During this period Nossig was also active as a (self-taught) sculptor, exhibiting in Paris, Vienna and Berlin. His subjects included The Wandering Jew, Judas Maccabaeus, and King Solomon, as well as portrait busts of Paderewski and of Max Nordau, and a death-mask of Empress Elisabeth of Austria.
In 1900 Nossig moved again, this time to Berlin. He published in that year an essay calling for world peace on the basis of treaties to be agreed by all European nations – a sort of early European Union – as a part of which Jews would be enabled to settle in Ottoman Palestine. He also associated with the so-called "practical Zionists" who stayed a clear distance from the activities of Herzl's World Zionist Organization (WZO). He also sat on the board of the Jewish publishing house Jüdischer Verlag along with Martin Buber, and became a regular contributor to the journal Ost und West. Developing an "Association for Jewish Statistics" he argued that the resulting evidence would not only counter anti-semitism but also Jewish self-hatred. In other writings he also continued as a playwright and wrote a study "Revision der Socialismus (A Revision of Socialism)", which emphasized the social messages of Judaism.
In 1903 Nossig worked closely with Chaim Weizmann hoping to establish a Jewish university. Weizmann nominated Nossig to take part in the Zionist Congress at Basel that year. At the congress Nossig and his allies criticized Herzl for seeking to "buy" a homeland in Palestine, leaving Jews open to the historic allegation that Jews were 'dealers', rather than establishing themselves by work. This intervention cost him the personal support of Weizmann and others. At the 1907 Eighth Zionist Congress, Nossig advocated a broad approach to Zionism across the Jewish European communities, with urban and rural settlements both in Palestine and in neighbouring lands. As a member of the propoaganda committee of the WZO, he set out plans for a Zionist news agency and newspaper, and advocate cooperation with the Ottoman Empire to establish settlements. However, Nossig's personality continued to alienate supporters and he had little direct involvement with the WZO after 1908. In that year he founded his own organization, the "Allgemeine Jüdische Kolonisations-Organisation" (AJKO), and in the following years undertook a number of initiatives to work with the leaders of the Young Turk Revolution in Constantinople, frequently visiting there. In 1911 he claimed to the British paper "The Daily Mail" that the AJKO would benefit Britain by diverting the flow of Russian immigrants.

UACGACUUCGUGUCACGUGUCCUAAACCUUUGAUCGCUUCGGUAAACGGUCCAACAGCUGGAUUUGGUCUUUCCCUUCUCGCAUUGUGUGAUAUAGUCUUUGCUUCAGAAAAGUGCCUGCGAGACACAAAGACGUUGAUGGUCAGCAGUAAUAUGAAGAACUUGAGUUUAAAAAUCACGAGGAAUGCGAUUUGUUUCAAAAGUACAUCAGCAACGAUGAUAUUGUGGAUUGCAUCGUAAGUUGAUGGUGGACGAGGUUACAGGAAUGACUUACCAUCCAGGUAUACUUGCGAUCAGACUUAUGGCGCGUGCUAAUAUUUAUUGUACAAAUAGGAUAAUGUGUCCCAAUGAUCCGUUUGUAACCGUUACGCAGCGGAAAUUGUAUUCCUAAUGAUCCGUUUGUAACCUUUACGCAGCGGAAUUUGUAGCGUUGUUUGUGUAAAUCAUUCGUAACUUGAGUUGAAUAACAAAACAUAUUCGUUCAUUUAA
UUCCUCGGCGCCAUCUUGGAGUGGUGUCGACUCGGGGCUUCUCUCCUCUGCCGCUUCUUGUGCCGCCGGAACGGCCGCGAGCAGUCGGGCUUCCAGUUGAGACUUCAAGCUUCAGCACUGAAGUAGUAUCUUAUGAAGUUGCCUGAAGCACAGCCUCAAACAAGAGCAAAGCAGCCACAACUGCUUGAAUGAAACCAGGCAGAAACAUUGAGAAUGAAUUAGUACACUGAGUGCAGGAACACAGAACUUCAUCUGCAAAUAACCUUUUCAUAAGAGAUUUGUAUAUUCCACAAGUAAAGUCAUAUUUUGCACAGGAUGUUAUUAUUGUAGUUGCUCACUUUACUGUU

During World War I, he organized in 1915 the provision of a medical unit to the Turkish forces, financed by German Jewish organizations, in an attempt to persuade Sultan Mehmed V to accept the immigration of Eastern European Jews. Neither this nor further visits had any effect. In the period following the Balfour Declaration of November 1917, Nossig was enlisted by some German Zionist organizations to help lobby for a Turkish equivalent of the Declaration. On 5 January 1918, Nossig met Talat Pasha, then Turkish Minister of the Interior, in Berlin, who offered him vague promises. After inconclusive talks, negotiations in Constantinople folded; however the impression remained with some (including the US Ambassador in Constantinople, Henry Morgenthau Sr.), that Nossig had been acting as an agent for the German authorities.